Foreign company local branches retain customs status in Russia
Legal update No 650
Continuing the topic of the customs status of foreign company branches in Russia1, Bryan Cave Leighton Paisner (Russia) LLP advises that a new piece of customs legislation has preserved and clarified the right of branch offices to have goods supplied into Russia for subsequent distribution.
Let us recall that the new Customs Code of the Eurasian Economic Union (the UCC) that came into effect on 1 January 2018 confined customs activities by branches of foreign companies to importing and exporting goods for their own use2. Even so, the UCC allows this provision to be modified by the national legislation (clause 3, article 83 of the UCC).
New Federal Law 289-FZ “On Customs Regulation in the Russian Federation and on Amendments to Individual Legislative Acts of the Russian Federation” (the Federal Law) came into effect on 4 September 2018, introducing the following rule (clause 4, article 100 of the Federal Law):
“A foreign legal entity that has a branch registered (accredited) in the Russian Federation may act as the declarant of goods if the foreign entity is authorised to act as the declarant under paragraph 2, sub-clause 2, clause 1, article 83 of the Union Code, and also where the foreign entity moves the goods across the Union customs border not as part of a deal between the foreign entity and a Union member state entity, providing the foreign entity is entitled to own, use and/or dispose of the goods”.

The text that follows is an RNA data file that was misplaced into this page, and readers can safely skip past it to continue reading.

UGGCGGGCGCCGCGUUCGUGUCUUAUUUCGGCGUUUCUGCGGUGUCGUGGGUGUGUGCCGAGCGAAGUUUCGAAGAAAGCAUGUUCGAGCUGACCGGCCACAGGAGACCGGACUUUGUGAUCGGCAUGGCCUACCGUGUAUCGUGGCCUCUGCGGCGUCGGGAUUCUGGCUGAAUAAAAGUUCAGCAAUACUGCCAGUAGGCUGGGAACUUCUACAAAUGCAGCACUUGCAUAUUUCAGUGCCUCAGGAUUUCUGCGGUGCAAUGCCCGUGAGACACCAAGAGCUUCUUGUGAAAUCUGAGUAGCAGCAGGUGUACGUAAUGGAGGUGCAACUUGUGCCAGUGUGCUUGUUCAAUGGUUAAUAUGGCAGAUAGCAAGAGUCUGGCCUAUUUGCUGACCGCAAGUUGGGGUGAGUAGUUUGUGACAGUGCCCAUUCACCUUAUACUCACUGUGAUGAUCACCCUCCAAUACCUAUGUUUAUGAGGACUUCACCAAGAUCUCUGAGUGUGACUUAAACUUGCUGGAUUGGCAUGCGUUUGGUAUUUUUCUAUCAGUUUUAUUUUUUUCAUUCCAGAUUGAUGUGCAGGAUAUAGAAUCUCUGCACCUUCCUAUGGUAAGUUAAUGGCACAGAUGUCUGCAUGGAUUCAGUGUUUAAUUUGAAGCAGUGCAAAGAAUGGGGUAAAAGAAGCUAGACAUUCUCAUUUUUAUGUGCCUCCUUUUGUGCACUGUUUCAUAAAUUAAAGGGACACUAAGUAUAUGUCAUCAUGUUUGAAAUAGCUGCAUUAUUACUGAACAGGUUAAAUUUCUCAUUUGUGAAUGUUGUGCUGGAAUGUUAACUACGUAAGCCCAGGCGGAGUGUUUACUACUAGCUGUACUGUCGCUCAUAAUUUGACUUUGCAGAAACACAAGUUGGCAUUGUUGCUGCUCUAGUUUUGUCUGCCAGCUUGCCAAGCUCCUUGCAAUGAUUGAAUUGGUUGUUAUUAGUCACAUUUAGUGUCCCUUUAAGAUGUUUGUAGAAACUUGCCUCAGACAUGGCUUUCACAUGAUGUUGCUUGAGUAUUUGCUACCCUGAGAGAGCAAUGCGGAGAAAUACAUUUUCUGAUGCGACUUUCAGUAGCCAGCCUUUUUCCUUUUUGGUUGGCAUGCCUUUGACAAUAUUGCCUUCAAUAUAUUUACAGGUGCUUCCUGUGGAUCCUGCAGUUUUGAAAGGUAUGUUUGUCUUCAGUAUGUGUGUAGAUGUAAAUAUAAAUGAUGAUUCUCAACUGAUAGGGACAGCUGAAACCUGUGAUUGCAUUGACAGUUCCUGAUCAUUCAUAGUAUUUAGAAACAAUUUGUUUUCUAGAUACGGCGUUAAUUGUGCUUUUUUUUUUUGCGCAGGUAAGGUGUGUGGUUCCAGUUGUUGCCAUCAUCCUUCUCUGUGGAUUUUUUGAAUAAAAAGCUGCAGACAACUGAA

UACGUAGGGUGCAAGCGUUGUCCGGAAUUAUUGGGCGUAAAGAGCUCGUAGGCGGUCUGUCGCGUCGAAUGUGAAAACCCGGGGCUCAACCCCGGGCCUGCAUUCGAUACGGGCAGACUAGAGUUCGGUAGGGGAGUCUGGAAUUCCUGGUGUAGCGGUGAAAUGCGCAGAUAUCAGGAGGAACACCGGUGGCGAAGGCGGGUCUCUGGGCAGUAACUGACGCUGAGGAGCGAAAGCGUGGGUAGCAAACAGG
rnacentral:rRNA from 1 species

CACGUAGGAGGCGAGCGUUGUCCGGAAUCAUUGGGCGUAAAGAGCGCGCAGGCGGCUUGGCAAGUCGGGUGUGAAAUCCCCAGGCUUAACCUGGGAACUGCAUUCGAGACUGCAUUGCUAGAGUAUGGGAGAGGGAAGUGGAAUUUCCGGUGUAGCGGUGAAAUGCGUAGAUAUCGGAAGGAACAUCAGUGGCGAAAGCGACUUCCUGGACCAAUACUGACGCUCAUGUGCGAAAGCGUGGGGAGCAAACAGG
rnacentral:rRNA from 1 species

The Federal Law thus extended the rights available to branches as declarants of goods, permitting them imports and exports of goods for commercial purposes rather than only for own use.
Yet a foreign company’s branch may only act as the declarant of commercial consignments subject to certain conditions being met at the time of customs clearance:
the foreign company possesses rights with respect to the goods (any of ownership, use and disposal rights is enough),
the foreign company supplies the goods other than under a contract with a company from Russia or another EAEU member state. This means that the goods must be supplied directly to the Russian branch, which may then sell them on the Russian market. If, however, a foreign company enters into a supply contract with a Russian company, the goods will have to be declared at Customs by the Russian buyer.
The above rule was developed and approved with active involvement by our firm’s Customs Practice.
We have accumulated considerable successful experience of supporting import and export operations by local branches of foreign companies, so we may assert that supply of goods to the Russian and EAEU markets via branches offers a number of benefits compared to limited liability companies (OOO) and other legal entity formats. For instance, supplies to a local branch do not require a foreign trade contract or payments and are not subject to currency control formalities, which speeds up the trade flow substantially.
If you are interested in more detail and other advantages offered by branch offices, please contact Alexander Kirilchenko (email@example.com), Counsel, Head of Customs Dispute Resolution Group at Bryan Cave Leighton Paisner (Russia) LLP.
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